Theta Technology’s NDT adopted in BAE Systems and AMRC collaboration

December 2, 2022

The RD1-TT is the company’s first commercially available non-destructive testing system (Courtesy Theta Technologies)
The RD1-TT is the company’s first commercially available non-destructive testing system (Courtesy Theta Technologies)

Theta Technologies, Exeter, UK, has announced a collaboration with aerospace and defence manufacturers BAE Systems, London; AMRC North West, part of the University of Sheffield Advanced Manufacturing Research Centre; and the High Value Manufacturing (HVM) Catapult, a group of manufacturing research centres. The collaboration is expected to result in Theta’s RD1-TT testing a multitude of BAE Systems components, both additively manufactured and composite.

Earlier this year, Theta Technologies announced RD1-TT, its first commercially available non-destructive testing (NDT) product. The machine, which has been under development for several years, utilises Theta’s nonlinear resonance NDT technology and has been specifically designed to provide a cost-effective, rapid flaw detection solution for metal AM users.

Theta Technologies believes that the machine is now ready to start being used in metal Additive Manufacturing testing processes, particularly for parts produced for critical applications in industries such as defence, aerospace, automotive and nuclear energy.

The potential that the technology offers to additive manufacturers has reportedly piqued the interest of several major players in those key industries, including BAE Systems. The collaboration between these two organisations has been developing since the manufacturers became aware of the technological developments on nonlinear resonance testing several years ago.

BAE Systems was seeking a new non-destructive testing solution that would allow them to simplify the overall testing process whist reducing the possibilities of working with flawed components over longer periods of time. When the company learned of Theta’s technique, it was said to have seen potential in this providing a quick-hit solution to identifying defects earlier in the manufacturing process. BAE Systems is said to believe that nonlinear resonance is going to be key to developing quick, whole item testing that can be used to support, and confirm the in-process assessment of parts, with composites proving a key focus.

“As we evolve our manufacturing processes we recognise new opportunities and advances in inspection capability. New and novel methods of verifying the product has been made correctly, right first time and aiming for no fault forward are something we are always looking to explore and exploit,” stated Kevin Pickup, Lead Technologist – Product Verification, BAE Systems Air Sector. “We are impressed by Theta Technologies innovative NDT methods and excited to work together to assess the RD1-TT, to understand how it can be effectively embedded within our production lines, and across our product range.”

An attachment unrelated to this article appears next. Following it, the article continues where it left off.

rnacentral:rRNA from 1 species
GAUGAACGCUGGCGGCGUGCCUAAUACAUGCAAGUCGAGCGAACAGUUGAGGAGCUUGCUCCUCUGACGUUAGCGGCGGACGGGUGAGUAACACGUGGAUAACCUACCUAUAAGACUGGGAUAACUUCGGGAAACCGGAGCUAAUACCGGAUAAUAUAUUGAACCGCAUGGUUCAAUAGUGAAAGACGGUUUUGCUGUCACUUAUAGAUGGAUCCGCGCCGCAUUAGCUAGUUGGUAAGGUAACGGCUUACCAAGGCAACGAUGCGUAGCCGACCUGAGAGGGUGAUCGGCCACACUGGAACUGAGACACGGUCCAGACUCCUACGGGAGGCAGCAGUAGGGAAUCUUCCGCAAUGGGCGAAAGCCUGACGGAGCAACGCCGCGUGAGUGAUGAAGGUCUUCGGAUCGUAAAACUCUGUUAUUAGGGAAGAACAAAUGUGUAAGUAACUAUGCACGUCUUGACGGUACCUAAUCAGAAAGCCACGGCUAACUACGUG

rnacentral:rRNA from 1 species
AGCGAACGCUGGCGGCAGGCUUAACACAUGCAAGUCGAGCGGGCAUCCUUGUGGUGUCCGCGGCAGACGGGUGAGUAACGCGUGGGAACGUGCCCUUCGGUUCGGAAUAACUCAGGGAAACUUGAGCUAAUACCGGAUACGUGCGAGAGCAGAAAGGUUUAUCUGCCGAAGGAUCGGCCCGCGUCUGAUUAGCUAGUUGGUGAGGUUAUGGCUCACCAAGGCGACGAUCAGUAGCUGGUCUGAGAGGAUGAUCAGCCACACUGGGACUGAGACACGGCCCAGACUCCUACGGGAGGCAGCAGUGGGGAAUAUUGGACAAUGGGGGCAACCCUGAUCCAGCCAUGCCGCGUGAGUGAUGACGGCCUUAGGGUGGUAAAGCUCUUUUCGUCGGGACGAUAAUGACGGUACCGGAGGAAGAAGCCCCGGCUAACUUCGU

Steve Butler, CEO of Theta, added, “To have a major international aerospace and defence manufacturer express such an interest in our technology is a tremendous boost for us. This collaboration will help us to gather further evidence of our technologies’ capabilities and allow us to validate what we know it can do. It’s also extremely important for us to use this project to understand the challenges that manufacturers face with regards to their manufacturing and testing processes so that we can continue to develop existing and future products to maximise the benefit to our customers.”

The potential impact of Theta’s technology, in particular for the development of metal Additive Manufacturing, has also gained the attention of AMRC North West and the HVM Capapult. This applied research centre, which sits at the heart of the Samlesbury Enterprise Zone in Preston, Lancashire, is said to see significant potential in the technology in the future development and adoption of metal Additive Manufacturing.

“We are very excited to participate in this project to test the feasibility of this new NDT technique developed by Theta Technologies, and to assess the usability as an evaluation tool needed to address the quality control challenges encountered in AM,” stated Dr James Hughes, research director for AMRC North West. “As a part of the consortium, AMRC North West will work on the measurement system analysis and applicability of the technique on a wide range of products with different materials and geometries provided by BAE Systems.”

An RD1-TT unit is expected to soon be based within Additive Manufacturing Research Centre, where it will be testing a variety of BAE Systems manufactured components.

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